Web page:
The 83 isolates were distinguished by 25 different MLVA types, as represented by individual allelic profiles of L-repeat VNTRs (Figure 2). MLVA type 1 and 2 were the most prevalent types containing 19 and 12 members with identical allelic profiles of L-repeat VNTRs (allelic profiles of 6-7-2-3 and 7-7-3-9, respectively), followed by MLVA type 3 with seven members, MLVA type 4 with five members, MLVA type 5, 6, and 7 with four members, MLVA type 8, 9, 10, 11, and 12 with three members, and MLVA type 12 and 13 with two members. The rest of the MLVA types included only one isolate. As shown in Figure 2, with a cut-off value of 75% corresponding to the existence of identically sized alleles for at least three L-repeat VNTRs, one clonal complex and three singletons were generated.

Figure 2. Cluster analysis of A. baumannii isolates based on four MLVA L-markers. A, MLVA dendrogram based on profiles of four L-markers for the 83 A. baumannii isolates. B, Minimum spanning tree representation of the L-locus clustering for the 83 A. baumannii isolates with one locus difference. Each circle indicates a unique MLVA type. The numbers within the circles denote strains belonging to the same MLVA type. Solid lines connect single locus variant MLVA types and the dashed lines indicate two loci variant MLVA types. The clonal complex was marked by a grey halo.

Finally, 82 different MLVA types with individual allelic profiles for 83 isolates were defined with the MLVA-7 assay. A combined HGDI value of 0.95 was achieved, consistent with the high level of polymorphism of these VNTR loci. Figure 3 shows the minimum spanning tree (MST) clustering of A. baumannii isolates. Due to the existence of identically sized alleles for at least five VNTRs, six clonal complexes (two isolates or more) and 17 singletons were observed. As shown in Figure 3, the clonal complex 1 (CC1) with 34 isolates and CC2 with 16 isolates were the main clusters, and the rest of the CCs included two or three isolates. The OXA-23 carrying isolates were dispersed in all of the six clonal complexes; four OXA-23 negative isolates were distributed to CC1, and two OXA-23 negative isolates were singletons. The other carbapenemase gene-carrying isolates were distributed to all of the CCs and/or singletons. CC5 contained only the isolates from hospital 1 and CC6 contained only the isolates from hospital 2, and the rest of the CCs contained isolates from both hospitals. MLVA-7 dendrogram and characteristics of A. baumannii strains are shown in Figure 4.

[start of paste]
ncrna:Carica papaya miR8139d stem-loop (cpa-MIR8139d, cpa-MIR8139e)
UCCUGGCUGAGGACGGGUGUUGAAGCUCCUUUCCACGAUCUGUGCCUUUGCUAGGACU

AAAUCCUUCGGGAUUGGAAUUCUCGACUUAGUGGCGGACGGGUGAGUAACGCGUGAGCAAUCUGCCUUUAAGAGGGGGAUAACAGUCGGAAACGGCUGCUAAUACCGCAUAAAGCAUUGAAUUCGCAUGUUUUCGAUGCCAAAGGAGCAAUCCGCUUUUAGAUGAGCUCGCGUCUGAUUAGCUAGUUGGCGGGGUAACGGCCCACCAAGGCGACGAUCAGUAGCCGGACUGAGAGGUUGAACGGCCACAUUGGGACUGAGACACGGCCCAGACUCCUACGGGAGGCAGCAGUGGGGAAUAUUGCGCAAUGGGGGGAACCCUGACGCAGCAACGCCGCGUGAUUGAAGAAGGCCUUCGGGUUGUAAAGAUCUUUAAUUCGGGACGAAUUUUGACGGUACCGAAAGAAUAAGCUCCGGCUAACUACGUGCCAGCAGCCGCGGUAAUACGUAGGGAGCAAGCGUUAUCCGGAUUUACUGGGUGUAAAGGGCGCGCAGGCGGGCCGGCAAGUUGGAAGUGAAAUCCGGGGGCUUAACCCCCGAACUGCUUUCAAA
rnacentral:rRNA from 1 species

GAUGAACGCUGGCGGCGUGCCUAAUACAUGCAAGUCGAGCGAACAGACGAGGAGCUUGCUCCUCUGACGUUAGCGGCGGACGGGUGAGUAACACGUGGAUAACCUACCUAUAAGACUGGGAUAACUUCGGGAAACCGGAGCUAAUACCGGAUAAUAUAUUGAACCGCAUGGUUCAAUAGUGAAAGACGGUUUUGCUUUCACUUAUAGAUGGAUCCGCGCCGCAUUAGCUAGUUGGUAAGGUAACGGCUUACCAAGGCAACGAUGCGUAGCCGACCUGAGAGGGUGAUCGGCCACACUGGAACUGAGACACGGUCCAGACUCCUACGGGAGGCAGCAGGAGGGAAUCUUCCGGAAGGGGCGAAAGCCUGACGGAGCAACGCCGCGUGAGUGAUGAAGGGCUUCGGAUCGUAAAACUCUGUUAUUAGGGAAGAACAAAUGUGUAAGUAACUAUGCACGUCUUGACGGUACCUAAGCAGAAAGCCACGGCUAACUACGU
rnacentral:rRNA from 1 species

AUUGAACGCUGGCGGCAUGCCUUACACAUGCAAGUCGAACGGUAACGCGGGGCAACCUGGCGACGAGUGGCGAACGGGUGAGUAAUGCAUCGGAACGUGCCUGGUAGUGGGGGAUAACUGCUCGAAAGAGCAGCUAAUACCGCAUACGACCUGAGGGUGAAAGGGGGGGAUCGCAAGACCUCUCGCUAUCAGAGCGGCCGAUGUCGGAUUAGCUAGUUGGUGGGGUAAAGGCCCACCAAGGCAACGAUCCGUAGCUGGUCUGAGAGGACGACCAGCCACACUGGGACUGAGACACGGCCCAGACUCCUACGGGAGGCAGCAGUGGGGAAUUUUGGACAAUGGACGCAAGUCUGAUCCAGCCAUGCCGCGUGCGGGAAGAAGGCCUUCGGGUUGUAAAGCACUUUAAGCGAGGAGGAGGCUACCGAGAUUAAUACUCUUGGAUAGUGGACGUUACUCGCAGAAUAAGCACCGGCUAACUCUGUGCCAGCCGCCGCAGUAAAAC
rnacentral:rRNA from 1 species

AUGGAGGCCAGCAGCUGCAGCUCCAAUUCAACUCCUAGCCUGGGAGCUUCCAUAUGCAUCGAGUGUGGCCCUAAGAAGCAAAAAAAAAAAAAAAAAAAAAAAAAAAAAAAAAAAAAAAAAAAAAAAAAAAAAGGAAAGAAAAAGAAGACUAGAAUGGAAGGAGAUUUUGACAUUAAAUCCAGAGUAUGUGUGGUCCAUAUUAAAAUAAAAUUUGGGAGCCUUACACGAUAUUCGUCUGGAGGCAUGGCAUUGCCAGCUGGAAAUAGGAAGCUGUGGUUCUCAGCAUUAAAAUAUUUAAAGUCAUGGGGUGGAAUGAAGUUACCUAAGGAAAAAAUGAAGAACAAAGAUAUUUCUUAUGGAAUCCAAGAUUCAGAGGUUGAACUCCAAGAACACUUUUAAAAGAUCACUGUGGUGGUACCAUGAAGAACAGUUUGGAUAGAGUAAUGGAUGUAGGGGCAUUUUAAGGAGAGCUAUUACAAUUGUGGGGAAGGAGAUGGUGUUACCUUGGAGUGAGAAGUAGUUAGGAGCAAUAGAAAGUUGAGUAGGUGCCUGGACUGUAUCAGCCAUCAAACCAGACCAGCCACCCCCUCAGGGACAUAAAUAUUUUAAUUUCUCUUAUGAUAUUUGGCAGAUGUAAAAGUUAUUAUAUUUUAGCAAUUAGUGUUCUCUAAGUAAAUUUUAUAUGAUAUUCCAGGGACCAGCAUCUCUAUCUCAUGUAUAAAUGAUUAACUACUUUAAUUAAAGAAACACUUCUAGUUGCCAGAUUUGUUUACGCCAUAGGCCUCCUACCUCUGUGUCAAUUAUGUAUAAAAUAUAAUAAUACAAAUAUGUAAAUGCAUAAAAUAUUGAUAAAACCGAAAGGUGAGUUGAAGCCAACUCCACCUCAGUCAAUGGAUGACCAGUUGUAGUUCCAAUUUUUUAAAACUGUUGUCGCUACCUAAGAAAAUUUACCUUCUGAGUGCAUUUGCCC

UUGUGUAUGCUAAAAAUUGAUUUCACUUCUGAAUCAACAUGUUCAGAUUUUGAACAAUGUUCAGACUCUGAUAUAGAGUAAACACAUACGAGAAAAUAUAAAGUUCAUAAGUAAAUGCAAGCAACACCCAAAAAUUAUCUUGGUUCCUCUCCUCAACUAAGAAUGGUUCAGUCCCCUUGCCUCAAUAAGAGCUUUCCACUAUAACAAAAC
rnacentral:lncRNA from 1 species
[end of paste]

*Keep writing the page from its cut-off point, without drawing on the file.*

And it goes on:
Figure 3. Minimum spanning tree representation of MLVA-7 clustering for the 83 A. baumannii isolates. Each circle indicates a unique MLVA type. MLVA complexes were defined assuming a 71% genetic similarity cut-off, corresponding to the existence of identically sized alleles for at least five VNTR markers. A black circle included two isolates from hospitals 1 and 2 with identical allelic profiles and six complexes were marked by grey halos. Solid lines connect two loci variant MLVA types and the dashed lines indicate three loci variant MLVA types.
Figure 4. MLVA-7 allelic profiles and characteristics of A. baumannii strains. The categorical coefficient and UPGMA algorithm were used for the generation of the dendrogram. ETT; endotracheal tube, ICU; intensive care unit, sur; surgery, emr; emergency, int; internal medicine, infect; infectious, N; no amplification, a; two bands pattern, MIC; µg/mL

5. Discussion